Wednesday, June 9, 2010

a boycott.

alex and i ended up seeing, for review shockingly enough, a fairly good movie starring michael douglas called solitary man last week. and though yes, the fact that i was allowed to see a film that wasn't a soul-sucking piece of shit, was quite shocking, but even more shocking was the fact that we screened the film at one of the sort of upper-class independent cinemas in san francisco, and on two of its screens ... sex and the city 2 was playing.  i would be angry only at the theater, as perhaps the money grubbing owners were unable to look past the solid good pile of shit the film is, and they just had to insert it in to one of their girls-night-out perfect theaters.

but alas, the film, as awful and offensive as it is, is playing at the castro (the bastion for amazing cinematic experiences in san francisco) as well as a handful of other truly great theaters.  this shitty, revolting bit of film has somehow transcended the wide-ranging and acidic feedback from the majority of film critics the world over and snuck itself past the megaplexs and in to the art houses.

a few thoughts on this:

1.  for a moment lets blame the theaters.  if you want to spend the majority of your time screening awesome, exciting, challenging bits of film, every once in a while you're going to have let your guard down and just let some shitty hollywood turd go to town on you.  it could be sex and the city 2 or prince of persia or the davinci code or some other oozy pile that will line your pockets, bring your studio an entirely different demographic of audience members, and generally help to wash away the acrid tang of bankruptcy.  it isn't easy being an arthouse theater these days and a little money in the back pocket could turn a lot of heads away from trash.

2.  but truly, lets blame ourselves.  we're a bunch of stupid fuckers these days, buying in again and again in to the absolute shit the studios keep thrusting our way.  we're creating a landscape in which small, amazing theaters have to put up there arms and surrender to the likes of carrie and her quartet of small brained ninnies.  by supporting these films we're saying, "yup, brainless as we are, we're giving you a reason to continue to clog our theaters, big and small, with this kind of shit.  you keep putting 'em out, we will continue to fork over the money needed to give you the impetus to do it all over again." and of course when we're all wasting our hard earned money on these big, awful pictures, of course we're not going to be heading on over to the lumiere or the embarcadero one to see rialto pictures new transfer of ran (316) or the new documentary on banksy.  and thus these little theaters are forced in some way to fill there screens with these crappy movies, and with these small theaters putting on the clothes of the multiplex-chains, all of sudden the smaller flicks have just one less screen to possibly fill.  it's a dangerous cycle we're stepping in to right now and the only way we as a cineaste community can change it is this: boycott.  we have to, as i've said before, stop going to these big budget pictures, stop giving the theaters, big and small, any reason to continue to carry films like prince of persia.  sure, the hollywood machine is going to keep churning this shit out and some zombie-like section of society will continue their streak of de-evolution by sticking out their furry-palmed hands, crumpled wads of money resting gingerly atop.  but if we, the people who give a shit about what we'll be watching in five, two, even a year, stop attending, stop filling the coffers, it's going to make a mark, small but noticeable.  perhaps without our dollars and bodies filling the spaces, a bow-tied manager will wander past an entirely empty screening room where sex and the city 2 blasts on the silver screen and they'll think to themselves, "hmmmmm ... there has to be something better."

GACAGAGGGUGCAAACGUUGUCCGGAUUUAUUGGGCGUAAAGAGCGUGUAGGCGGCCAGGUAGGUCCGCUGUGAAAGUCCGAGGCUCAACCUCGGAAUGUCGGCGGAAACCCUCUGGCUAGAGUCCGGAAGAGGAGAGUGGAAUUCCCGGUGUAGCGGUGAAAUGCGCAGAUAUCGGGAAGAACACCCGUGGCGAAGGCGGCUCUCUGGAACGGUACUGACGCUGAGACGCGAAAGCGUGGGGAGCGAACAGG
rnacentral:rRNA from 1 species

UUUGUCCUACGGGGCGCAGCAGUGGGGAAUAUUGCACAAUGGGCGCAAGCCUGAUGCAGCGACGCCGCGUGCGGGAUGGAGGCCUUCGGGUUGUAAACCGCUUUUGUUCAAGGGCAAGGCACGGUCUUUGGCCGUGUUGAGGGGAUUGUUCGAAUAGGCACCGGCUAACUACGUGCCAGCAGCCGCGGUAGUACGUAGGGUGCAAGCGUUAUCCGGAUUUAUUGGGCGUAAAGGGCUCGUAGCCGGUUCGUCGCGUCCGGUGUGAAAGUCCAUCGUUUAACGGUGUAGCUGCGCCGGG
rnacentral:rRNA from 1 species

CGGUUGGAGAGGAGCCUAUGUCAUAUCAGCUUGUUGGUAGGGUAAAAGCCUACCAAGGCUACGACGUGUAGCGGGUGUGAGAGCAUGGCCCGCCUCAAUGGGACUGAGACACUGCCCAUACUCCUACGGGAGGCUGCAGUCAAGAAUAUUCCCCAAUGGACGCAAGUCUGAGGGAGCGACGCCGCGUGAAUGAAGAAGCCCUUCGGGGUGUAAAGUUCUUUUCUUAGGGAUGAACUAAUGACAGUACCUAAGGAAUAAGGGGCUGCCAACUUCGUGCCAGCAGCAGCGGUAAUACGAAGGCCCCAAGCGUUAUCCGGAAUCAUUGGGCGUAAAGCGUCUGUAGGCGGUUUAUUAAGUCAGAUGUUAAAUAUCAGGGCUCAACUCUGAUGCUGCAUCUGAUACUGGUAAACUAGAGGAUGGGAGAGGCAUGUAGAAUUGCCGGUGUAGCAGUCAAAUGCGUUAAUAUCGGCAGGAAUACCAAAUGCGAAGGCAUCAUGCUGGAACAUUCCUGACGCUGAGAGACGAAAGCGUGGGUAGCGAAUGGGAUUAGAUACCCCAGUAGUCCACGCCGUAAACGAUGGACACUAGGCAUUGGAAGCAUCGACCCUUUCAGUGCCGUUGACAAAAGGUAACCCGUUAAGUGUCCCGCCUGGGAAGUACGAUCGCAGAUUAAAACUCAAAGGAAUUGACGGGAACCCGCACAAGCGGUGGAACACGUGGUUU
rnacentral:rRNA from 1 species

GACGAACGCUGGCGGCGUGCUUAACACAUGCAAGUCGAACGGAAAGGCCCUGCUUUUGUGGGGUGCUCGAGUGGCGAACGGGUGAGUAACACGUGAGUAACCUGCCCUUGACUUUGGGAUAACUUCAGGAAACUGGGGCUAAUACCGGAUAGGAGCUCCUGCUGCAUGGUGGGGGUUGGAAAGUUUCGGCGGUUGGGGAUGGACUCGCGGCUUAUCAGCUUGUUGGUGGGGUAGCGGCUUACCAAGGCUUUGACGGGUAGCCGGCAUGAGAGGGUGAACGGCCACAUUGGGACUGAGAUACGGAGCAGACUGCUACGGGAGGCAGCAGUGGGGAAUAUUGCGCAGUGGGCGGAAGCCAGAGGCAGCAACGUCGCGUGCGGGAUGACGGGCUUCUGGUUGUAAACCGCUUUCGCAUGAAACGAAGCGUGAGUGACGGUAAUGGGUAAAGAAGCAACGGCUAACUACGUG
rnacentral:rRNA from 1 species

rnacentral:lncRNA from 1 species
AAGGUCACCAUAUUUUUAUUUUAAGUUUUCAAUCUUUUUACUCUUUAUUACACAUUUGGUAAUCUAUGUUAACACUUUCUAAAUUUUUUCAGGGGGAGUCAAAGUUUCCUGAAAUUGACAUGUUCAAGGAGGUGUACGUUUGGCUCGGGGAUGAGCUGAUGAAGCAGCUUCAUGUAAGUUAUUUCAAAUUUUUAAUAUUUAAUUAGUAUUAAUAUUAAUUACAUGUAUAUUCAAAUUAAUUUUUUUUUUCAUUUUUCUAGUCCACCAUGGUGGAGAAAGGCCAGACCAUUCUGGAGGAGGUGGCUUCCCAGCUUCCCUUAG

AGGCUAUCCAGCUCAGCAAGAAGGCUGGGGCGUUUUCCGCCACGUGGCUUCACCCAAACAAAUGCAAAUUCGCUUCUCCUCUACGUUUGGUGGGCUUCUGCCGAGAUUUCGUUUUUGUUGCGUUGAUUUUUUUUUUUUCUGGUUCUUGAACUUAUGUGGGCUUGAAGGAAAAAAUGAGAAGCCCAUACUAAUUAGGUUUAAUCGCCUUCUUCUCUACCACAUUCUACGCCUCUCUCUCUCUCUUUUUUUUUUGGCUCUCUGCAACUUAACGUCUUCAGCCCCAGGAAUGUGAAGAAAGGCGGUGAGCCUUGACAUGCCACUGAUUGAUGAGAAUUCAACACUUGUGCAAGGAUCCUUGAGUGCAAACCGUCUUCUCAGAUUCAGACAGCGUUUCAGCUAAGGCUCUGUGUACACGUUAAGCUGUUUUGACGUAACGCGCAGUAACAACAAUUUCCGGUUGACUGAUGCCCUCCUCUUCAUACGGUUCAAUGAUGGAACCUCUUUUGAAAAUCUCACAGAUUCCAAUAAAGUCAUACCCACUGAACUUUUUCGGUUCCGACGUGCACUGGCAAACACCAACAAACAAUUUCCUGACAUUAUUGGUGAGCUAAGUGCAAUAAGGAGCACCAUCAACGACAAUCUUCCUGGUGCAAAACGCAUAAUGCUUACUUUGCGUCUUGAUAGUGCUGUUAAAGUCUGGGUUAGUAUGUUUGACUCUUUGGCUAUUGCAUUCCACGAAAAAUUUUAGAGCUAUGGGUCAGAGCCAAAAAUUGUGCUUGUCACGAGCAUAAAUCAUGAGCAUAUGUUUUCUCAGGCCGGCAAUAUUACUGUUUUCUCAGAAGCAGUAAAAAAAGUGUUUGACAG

1 comment:

David said...

I think the critics deserve blame as well. The vitriol aimed at this movie (a good bit of which I lapped up myself) seemed in many cases to be beyond what the movie deserved (though I haven't seen it) and in some cases was wielded so offensively that it rendered the insensitivity of the movie itself moot. The silver lining here is that it contributed to a lively debate about gender and sexism in film and in film criticism and that is always welcome as far as I'm concerned.